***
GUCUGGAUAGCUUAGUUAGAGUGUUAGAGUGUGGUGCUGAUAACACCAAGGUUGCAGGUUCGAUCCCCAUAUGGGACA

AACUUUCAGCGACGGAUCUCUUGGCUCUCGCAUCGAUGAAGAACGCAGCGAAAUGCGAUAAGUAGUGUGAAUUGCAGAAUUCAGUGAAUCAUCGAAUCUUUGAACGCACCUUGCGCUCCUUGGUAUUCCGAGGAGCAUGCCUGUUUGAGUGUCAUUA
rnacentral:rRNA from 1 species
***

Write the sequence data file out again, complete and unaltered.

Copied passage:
GUCUGGAUAGCUUAGUUAGAGUGUUAGAGUGUGGUGCUGAUAACACCAAGGUUGCAGGUUCGAUCCCCAUAUGGGACA

AACUUUCAGCGACGGAUCUCUUGGCUCUCGCAUCGAUGAAGAACGCAGCGAAAUGCGAUAAGUAGUGUGAAUUGCAGAAUUCAGUGAAUCAUCGAAUCUUUGAACGCACCUUGCGCUCCUUGGUAUUCCGAGGAGCAUGCCUGUUUGAGUGUCAUUA
rnacentral:rRNA from 1 species